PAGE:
Accessible version

Regional Measures
Before discussing my regression results in more detail, I will first provide some information on regional developments in global value chain participation and investment trends.

GVC participation is plotted along with the trade ratio for five groups of countries and the United States in exhibit 2. The pattern is remarkably consistent. All of the groups—emerging Asia, Latin America, the euro area, other advanced Europe, other advanced (Canada, Japan and Australia) and the United States saw both an increase in the trade ratio as well as a sharp increase in GVC participation over the period shown. Furthermore, GVC participation appears to have dropped sharply in all areas during the GFC and generally had not fully rebounded through 2011. Of course, this probably does not mean that countries that had been participating in value chains suddenly started producing all of the goods domestically. A more plausible explanation is that demand for the goods produced using value chains was hit especially hard. This would help to explain why trade contracted so much more sharply that did GDP (or even industrial production, as shown in exhibit 1, panel 1). However, the fact that GVC participation has only partly recovered in most regions does suggest that there may be a structural break with their pre-crisis rapid growth, consistent with China's push to rebalance its economy away from heavy dependence on manufacturing for export. Such a shift also affects China's regional trading partners.

Another noteworthy element of these charts is that the recent behavior of the ratio of trade to GDP differs substantially across groupings, in marked contrast to the very widespread increase in the ratio before the GFC. The ratio is falling in emerging Asia and other Europe, while continuing to rise in the euro area and the other advanced economies, as well as in the United States. In Latin America it has been mostly flat since the GFC, although it has turned up more recently.

Exhibit 3 shows the trade ratio along with the investment share for the same country groupings. The investment share generally appears to be less highly correlated than GVC participation with the trade ratio, especially for emerging Asia, where it did not fall in the GFC. However, it has leveled off more recently as the trade ratio has fallen.

Figure 2: Trade and Participation in Global Value Chains
Figure 2: Trade and Participation in Global Value Chains. See accessible link for data.
Figure 3: Trade and the GDP Share of Investment
Figure 3: Trade and the GDP Share of Investment. See accessible link for data.

Regression Results
As shown in table 1 below, there appears to be a significant relationship between changes in the ratio of trade to output and both GVC participation and the share of investment in GDP. This is true for the aggregate measure whether output is measured as GDP or IP, although the sample size is small, especially for the GVC variable, which is available only from 1995 to 2011. However, a panel regression with country fixed effects over the 26 countries that have GVC data (thus a much larger sample size) shows very similar results. (These regressions are done using only the trade/GDP variable because not all of these countries have IP data.) Not surprisingly, the fit of these equations is not as good as it is for the aggregate equations. However, the GVC participation variable alone appears to explain nearly half of the variation in the trade ratio. This is also considerably more than is explained by the investment share alone (20 percent). When both variables are included in the equation, the R2 is only slightly higher than that of the equation that only includes the GVC participation variable, but more than twice as large as that for the equation that only includes the investment share variable.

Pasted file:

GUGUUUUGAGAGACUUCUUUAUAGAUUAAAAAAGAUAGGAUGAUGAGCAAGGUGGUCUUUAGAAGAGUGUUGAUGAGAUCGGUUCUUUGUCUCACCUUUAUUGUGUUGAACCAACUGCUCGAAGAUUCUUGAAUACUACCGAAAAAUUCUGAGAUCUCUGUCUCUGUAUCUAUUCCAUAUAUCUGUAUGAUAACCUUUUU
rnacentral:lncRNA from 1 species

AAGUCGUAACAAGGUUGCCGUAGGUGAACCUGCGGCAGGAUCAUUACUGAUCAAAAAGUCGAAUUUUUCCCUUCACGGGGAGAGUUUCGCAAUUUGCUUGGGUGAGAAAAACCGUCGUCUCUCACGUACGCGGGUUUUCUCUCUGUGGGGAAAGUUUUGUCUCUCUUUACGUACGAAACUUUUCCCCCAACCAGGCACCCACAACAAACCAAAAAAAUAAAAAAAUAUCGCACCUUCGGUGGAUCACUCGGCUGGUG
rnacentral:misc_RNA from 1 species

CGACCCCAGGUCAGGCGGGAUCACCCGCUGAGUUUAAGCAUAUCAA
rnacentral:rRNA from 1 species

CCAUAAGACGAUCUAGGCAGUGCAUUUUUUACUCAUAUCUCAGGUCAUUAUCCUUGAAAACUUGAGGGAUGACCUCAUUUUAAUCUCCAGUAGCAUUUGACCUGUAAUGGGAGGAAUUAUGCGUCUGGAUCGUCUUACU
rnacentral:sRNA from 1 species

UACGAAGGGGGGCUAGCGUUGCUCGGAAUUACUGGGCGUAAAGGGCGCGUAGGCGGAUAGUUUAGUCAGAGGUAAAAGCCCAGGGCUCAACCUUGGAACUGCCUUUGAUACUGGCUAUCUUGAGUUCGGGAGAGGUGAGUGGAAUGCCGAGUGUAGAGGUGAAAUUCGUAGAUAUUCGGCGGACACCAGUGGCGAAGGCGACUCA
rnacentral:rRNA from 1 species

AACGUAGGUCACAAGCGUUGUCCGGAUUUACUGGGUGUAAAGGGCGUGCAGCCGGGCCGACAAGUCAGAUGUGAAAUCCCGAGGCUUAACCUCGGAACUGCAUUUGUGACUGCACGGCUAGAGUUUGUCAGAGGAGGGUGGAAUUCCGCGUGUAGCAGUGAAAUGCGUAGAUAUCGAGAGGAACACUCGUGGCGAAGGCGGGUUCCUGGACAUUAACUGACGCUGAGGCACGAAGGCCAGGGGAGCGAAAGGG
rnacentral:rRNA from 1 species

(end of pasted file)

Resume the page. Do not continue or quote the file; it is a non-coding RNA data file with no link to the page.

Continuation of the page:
Similar regressions were also estimated for each of the 26 countries in the sample separately (table 2). The value chain variable is significant for all of the countries and the investment share variable is significant for 19 of the 26. The coefficients on the value chain variables are particularly large for China, Taiwan, and Indonesia.

The results presented here support the view that the recent slowdown in the growth of global trade relative to GDP may be at least partly due to slower growth in global value chains, which expanded rapidly in the decade and a half preceding the global financial crisis. Slower growth in the global share of investment in GDP, which may be related to the declining role of global value chains, may also have played a role. This may suggest that the pause in trade relative to GDP is not a major cause for concern.

Table 1

Aggregate Regressions

Dep. Var. Trade/GDP Trade/IP
Sample 1996 - 2011 1981-2014 1996 - 2011 1981-2014
0.9 1.38 1.12 0.49 0.7 0.51
R2 0.77 0.79 0.63 0.63 0.55 0.3


Panel Regression

Sample 1996 - 2011 1981-2014
Expl. Var. GVC I/GDP Multivariate equation I/GDP
0.83 0.35 0.74 0.16 0.09
R2 0.45 0.2

Equations are estimated in log first differences. All coefficients are significant at the 1 percent level.

Table 2

Individual Country Regressions

Expl. Var. GVC I/GDP Expl. Var. GVC I/GDP
Coeff R2 Coeff R2 Coeff R2 Coeff R2
United States .81* 0.72 .91* 0.82 Ireland .86* 0.42 0.12 0.06
Canada .70* 0.42 .56* 0.44 Italy .75* 0.83 1.08* 0.63
Japan .90* 0.69 1.25* 0.56 Netherlands .75* 0.63 0.29 0.07
Australia .39* 0.53 .40# 0.18 Portugal .72* 0.58 .39+ 0.3
United Kingdom .56+ 0.26 .59* 0.48 Spain .84* 0.76 .61+ 0.34
Sweden .94* 0.58 .71* 0.65 China 1.32* 0.64 -0.39 0.01
Denmark .52* 0.35 .44* 0.63 Korea .70* 0.4 .30* 0.52
Austria 1.21* 0.81 .90+ 0.26 Taiwan 1.25* 0.71 .66* 0.89
Belgium/Lux .40# 0.2 0.24 0.11 India .82+ 0.34 -0.15 0.03
Finland .94* 0.59 .85* 0.6 Indonesia 2.04* 0.56 0.68 0.17
France .81* 0.73 .77* 0.57 Brazil .61* 0.36 .60+ 0.25
Germany .81* 0.77 .57* 0.49 Mexico .99+ 0.31 .94* 0.43
Greece .39+ 0.59 .35* 0.4 Russia .47+ 0.31 0.09 0.13

*significant at 1% level, + significant at 5% level, # significant at 10% level.

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1. This note refers to trade in goods. Trade in services is much more difficult to measure across countries. Return to text

2. Timmer et. al (2015). Return to text

3. This is done by inverting the global input-output table. Return to text

Please cite as:

Haltmaier, Jane (2015). "The Slowdown in Global Trade," IFDP Notes. Washington: Board of Governors of the Federal Reserve System, December 30, 2015.

Disclaimer: IFDP Notes are articles in which Board economists offer their own views and present analysis on a range of topics in economics and finance. These articles are shorter and less technically oriented than IFDP Working Papers.

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Last update: December 30, 2015